As another anecdote, my wife grew up in a poor housing estate in central Scotland, in a household with bad parents and some domestic violence. There was a fair bit of violence and drugs in the area too.
Almost everyone in the area was claiming at least some kind of benefit, and benefit fraud was absolutely rife.
I got to know the extended family quite well over time. Almost every parent seemed determined to continue the cycle of poverty, and pushed their children to sign up for a council house as soon as they were 16. Fraudulent tactics were often used to get their kids further up the waiting list, or to get their kids into newer/better housing once they had a house. One father set fire to his daughter's house with the hope she'd be moved into a better house. Another smashed in the windows of his son's house, so they could claim he was in danger from imaginary drug dealers in the area.
My wife (and indeed her brother) were however determined to get a decent education and do better, in spite of their parents.
She applied to university, but her mother hid the acceptance letter and tried to push her into a crappy low/paid job and a council house.
Thankfully my wife came across the letter my chance, and her life has been very different from that of her parents.
If Bob and Ted start at the same point, and Bob becomes more successful than Ted, Ted will try to undermine Bob's success. The reason is Ted blames circumstance for his failure, and Bob's success makes it hard for Ted to blame circumstance. By undermining Bob's success, Ted can comfortably continue to blame circumstance.
For instance, I'm recently married and the wife and I are looking into starting a family. My co-workers know we want kids, and while about 75% are supportive, there's a couple who have marital/family issues who feed me a daily stream of [insert story about how messed up their marriage/kids are] followed by "so, you sure you still want kids?" in a half-serious tone.
It's a minor annoyance and I just commiserate with the miserable story and laugh it off. But, while I know I'm not supposed to judge as a non-parent there's a few glaringly, blindingly obvious failures of well-intentioned but horribly executed parenting/marriage handling in these stories that set my teeth on edge. Stuff even my parents for all their weaknesses would never have done. When I try to politely nudge back on some of the more egregious points I just get ignored and they keep talking, even when I'm backed up by one of the parents in my team. They seem convinced that they're doing everything the best way it could possibly be done and there's no behavior change on their part that could make it better. On a possibly related note, they're also the team members with the worst health and some of the messiest (if technically functional) code I've ever read. I always wondered where that mentality came from, reading this thread has shed some light on that, given what I know about how they grew up.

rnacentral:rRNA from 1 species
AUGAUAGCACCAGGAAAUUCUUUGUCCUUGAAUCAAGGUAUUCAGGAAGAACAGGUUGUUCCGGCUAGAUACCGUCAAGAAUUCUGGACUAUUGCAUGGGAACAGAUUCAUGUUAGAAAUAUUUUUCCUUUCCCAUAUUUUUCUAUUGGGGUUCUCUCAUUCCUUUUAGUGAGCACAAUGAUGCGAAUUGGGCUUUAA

this seems pretty entitled / clasist in this particular context - many in 'the white-collar upper middle class' are precisely the ones with arguments against having families out of personal preference and those most visibly displaying their preference for other lifestyle choices (after all, if one can afford retirement, one doesn't need a family to support them)
And come to think of it the financial reasons you mention (retirement) is probably one contributing factor from a cultural perspective. If you lack the independent wealth to look after your own interests then you must naturally pool resources with others. If others leave/do their own thing/do better than you that's saying, in a sense, that they don't want to pool resources with you, even if you'd reciprocate. That feeling probably sucks.
On the other hand if you're well off enough on your own, someone going off and doing their own thing/striving for better isn't a rejection or a denial of needed resources. So it can be supported, event celebrated.
Once again, painting with broad strokes. It is possible to point out trends without saying that everyone in a given group subscribes to said trend.
And in the US, low income and high income volatility go hand in hand. You can have your hours reduced or shifted at any time, your industry can get outsourced or automated, you may be deemed to be too old or expensive.
No one is happy with volatility, and no one today should expect to go to work and punch in and out for 30 years, especially if you’re on the lower end of the pay scale. You should be looking out for better opportunities all the time, lest your cash flow suddenly stops.
No, not necessarily. But at least where my wife grew up in the Scottish central belt, I think that would be the exception rather than the rule - and by a pretty wide margin.
I think a lack of education played a big part in that, but the most disappointing and frightening thing was that so many parents expected - almost bred - their children to repeat the same cycle of limited education, poverty, benefit fraud, crime, drugs and violence.
Very simply, that Family doesn’t consider a university education to be “better” for their kid, they consider it to be worse.